Tim came and ran with me for the last quarter mile. There were a few iffy turns and he thought I might be worried about getting lost. He was right. What a great guy.


  • Very hot
  • They ran out of watermelon before I finished
  • T-Shirt and medal only – no swag
  • A couple of turns could have been more clearly marked


  • Lots of parking close to the course
  • Beautiful course
  • Nice small race feel
  • Good cause
  • Bridges

We would recommend this race. It was hot the day we ran but I heard that it usually wasn’t that hot. It is a beautiful run by a river, over bridges, and mostly on a bike path. You do have to contend with some scowling bicyclists. It was pretty flat but not so flat that it was boring. It was pretty well marked so there is minimal danger of getting lost. It is put on by the Lions Club and they obviously care about the race. It was nice but didn’t make our must do again list.

I know that this short race report. I haven’t been feeling very well for the last couple of weeks. Next week is a trail race and I hope to have a longer report and lots of pictures.

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The Wine Run - T-Shirt


10 down 42 to go.

We went camping! The only other time I did anything resembling camping was over 20 years ago, on a geology field trip to the Petrified Forest in Arizona. I had only a sleeping bag and didn’t sleep at all. So I was dubious when Tim said that camping would be fun. And he was right – it was fun. We didn’t exactly rough it. We brought our memory foam mattress and put it on top of yoga mats in out tent. We also brought every blanket we own. The race started at Wooldridge Creek Winery and that is where we camped. The winery stayed open late for the race so I had a glass of wine before turning in. I recommend camping next to a winery. The cool air felt good and the stars were amazing.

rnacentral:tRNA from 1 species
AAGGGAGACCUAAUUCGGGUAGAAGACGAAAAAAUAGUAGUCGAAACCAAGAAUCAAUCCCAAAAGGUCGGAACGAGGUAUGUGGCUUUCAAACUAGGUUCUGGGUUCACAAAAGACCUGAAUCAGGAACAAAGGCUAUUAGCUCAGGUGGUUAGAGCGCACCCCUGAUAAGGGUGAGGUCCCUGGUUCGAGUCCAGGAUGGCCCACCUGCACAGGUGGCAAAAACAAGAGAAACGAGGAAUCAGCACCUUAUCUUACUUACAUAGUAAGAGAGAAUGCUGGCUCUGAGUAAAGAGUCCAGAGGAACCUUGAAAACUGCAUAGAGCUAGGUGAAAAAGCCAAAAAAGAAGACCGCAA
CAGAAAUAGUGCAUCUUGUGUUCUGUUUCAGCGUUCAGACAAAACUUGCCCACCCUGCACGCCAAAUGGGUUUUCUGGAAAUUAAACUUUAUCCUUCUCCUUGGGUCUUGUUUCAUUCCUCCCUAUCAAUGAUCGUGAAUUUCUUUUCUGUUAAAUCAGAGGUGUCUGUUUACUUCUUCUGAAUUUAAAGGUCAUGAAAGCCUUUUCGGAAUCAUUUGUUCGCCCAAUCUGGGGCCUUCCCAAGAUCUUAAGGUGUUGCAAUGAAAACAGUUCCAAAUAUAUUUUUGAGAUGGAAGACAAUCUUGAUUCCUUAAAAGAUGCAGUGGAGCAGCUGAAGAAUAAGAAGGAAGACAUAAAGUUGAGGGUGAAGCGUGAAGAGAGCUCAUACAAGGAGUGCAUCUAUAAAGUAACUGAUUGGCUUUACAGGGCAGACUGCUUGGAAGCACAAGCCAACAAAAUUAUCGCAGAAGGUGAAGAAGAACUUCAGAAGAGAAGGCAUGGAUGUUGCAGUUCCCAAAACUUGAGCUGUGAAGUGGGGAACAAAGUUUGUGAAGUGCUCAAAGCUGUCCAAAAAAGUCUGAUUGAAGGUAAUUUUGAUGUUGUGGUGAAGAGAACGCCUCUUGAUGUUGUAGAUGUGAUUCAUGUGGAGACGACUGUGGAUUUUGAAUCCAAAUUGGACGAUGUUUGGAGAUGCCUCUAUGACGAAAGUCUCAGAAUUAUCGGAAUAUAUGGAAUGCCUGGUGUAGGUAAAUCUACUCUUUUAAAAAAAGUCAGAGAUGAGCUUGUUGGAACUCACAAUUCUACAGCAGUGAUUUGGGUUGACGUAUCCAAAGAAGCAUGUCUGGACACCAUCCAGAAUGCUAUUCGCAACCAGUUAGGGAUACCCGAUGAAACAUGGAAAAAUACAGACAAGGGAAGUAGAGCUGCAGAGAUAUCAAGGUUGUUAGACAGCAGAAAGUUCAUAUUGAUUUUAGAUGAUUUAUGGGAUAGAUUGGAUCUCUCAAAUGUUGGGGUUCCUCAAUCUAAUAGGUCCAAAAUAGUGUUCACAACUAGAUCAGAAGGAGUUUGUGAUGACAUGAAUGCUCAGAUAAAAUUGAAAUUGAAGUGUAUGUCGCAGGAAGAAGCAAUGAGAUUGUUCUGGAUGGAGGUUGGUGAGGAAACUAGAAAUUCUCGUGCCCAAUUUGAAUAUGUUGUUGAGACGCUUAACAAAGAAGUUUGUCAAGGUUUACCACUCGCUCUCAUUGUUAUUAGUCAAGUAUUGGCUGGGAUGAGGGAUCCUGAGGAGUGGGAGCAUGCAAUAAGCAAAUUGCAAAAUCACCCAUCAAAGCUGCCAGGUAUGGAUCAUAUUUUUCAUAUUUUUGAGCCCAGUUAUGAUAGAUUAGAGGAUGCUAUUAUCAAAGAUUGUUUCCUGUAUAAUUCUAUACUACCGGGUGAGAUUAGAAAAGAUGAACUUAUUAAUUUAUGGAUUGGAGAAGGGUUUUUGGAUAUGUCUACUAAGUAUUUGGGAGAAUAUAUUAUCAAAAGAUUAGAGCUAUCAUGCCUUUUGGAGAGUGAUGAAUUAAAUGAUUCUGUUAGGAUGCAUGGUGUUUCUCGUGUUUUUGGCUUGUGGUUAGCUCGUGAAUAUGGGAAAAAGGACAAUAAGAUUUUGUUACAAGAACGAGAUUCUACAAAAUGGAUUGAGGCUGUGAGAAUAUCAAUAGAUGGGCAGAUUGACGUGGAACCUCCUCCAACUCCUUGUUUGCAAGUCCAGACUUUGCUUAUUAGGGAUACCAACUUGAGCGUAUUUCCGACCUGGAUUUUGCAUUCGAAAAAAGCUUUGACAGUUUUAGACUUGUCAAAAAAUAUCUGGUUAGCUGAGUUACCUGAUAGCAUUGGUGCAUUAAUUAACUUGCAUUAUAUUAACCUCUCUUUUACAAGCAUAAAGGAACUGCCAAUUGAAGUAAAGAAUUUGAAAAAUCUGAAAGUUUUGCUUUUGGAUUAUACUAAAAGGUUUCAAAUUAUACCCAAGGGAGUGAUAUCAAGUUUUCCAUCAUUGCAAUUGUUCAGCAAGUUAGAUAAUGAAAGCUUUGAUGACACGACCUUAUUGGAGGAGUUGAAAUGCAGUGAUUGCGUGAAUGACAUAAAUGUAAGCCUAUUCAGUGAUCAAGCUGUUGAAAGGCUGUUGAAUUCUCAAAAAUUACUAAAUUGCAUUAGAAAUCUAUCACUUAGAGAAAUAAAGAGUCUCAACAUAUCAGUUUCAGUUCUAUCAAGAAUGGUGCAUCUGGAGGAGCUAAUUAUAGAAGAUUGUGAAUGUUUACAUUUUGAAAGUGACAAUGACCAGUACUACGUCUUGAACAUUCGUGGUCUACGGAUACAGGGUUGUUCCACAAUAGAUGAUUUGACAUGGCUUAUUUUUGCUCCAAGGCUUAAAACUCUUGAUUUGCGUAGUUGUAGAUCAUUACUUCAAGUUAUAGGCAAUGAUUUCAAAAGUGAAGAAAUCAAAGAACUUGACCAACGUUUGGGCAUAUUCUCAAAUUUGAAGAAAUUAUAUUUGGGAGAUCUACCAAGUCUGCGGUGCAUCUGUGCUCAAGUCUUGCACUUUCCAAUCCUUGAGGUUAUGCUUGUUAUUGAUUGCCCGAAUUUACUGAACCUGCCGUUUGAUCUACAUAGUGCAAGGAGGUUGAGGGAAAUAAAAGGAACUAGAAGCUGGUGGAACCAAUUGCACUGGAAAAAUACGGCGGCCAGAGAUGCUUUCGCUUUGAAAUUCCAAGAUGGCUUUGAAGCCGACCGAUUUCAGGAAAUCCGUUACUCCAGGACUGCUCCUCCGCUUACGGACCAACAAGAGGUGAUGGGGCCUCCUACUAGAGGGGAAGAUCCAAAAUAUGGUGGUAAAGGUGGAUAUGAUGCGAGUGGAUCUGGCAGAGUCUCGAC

Us with the tent at Wooldridge Creek Winery

Wow, I don’t hate camping


This race had the best swag bag yet. Besides the normal bars, gels, chaptstick, and cupons it has are sleeves, socks and wine with a glass to take home.



I have to admit that when we signed up for this race in July, I thought I would be in better shape than I am by now. It’s run in the mountains and has a lot of climbing. This is the race I most feared. Usually, when I stress out about stuff, reality turns out to be kinder than my imagination. Not this time. This race destroyed me.


The Wine Run - Course Profile

How hard could it be


I went into this race feeling both tired and sick. I had been fighting a cold or flu all week so my timing could not have been worse. I felt off from the beginning. My legs felt heavy and I couldn’t get a deep enough breath. I knew I was in trouble when my legs felt dead before I had done any climbing. The race started at the winery and went through rows of grapes. We started out in the back behind 2 adorable fairies. The run had an enchanted forest theme and a number of people were in costume, mostly as fairies or gnomes. I ended up going back and forth with these 2 for a good part of the race. They were really nice.


Enchanted Fairies


Because we were camping and because the race started at 11am instead of early morning, our race routine was thrown off. We forgot to take B-5 (my secret weapon) and we even forgot to drink coffee! I was feeling so off that I had to walk within the first mile, before the terrain even got hard. Tim knew I wasn’t feeling well and was going to run with me but luckily I was able to convince him to run his own race. I’m glad he did for a couple of reasons. First of all, if he had stayed with me I would have been worried that I was slowing him down. Also, I would have been worried about him worrying about me, which I didn’t have the energy to do. And most all, if Tim had run with me I probably would have spent the whole run complaining. I’m not one to suffer in silence.

Timothy Olsen is my favorite male ultrarunner. He is one of the race directors of this race. Here he is at the transition from grape fields to a road leading to the trails. I think he rivals Johnny Depp for the best Mad Hatter.


Tim Olsen - The Mad Hatter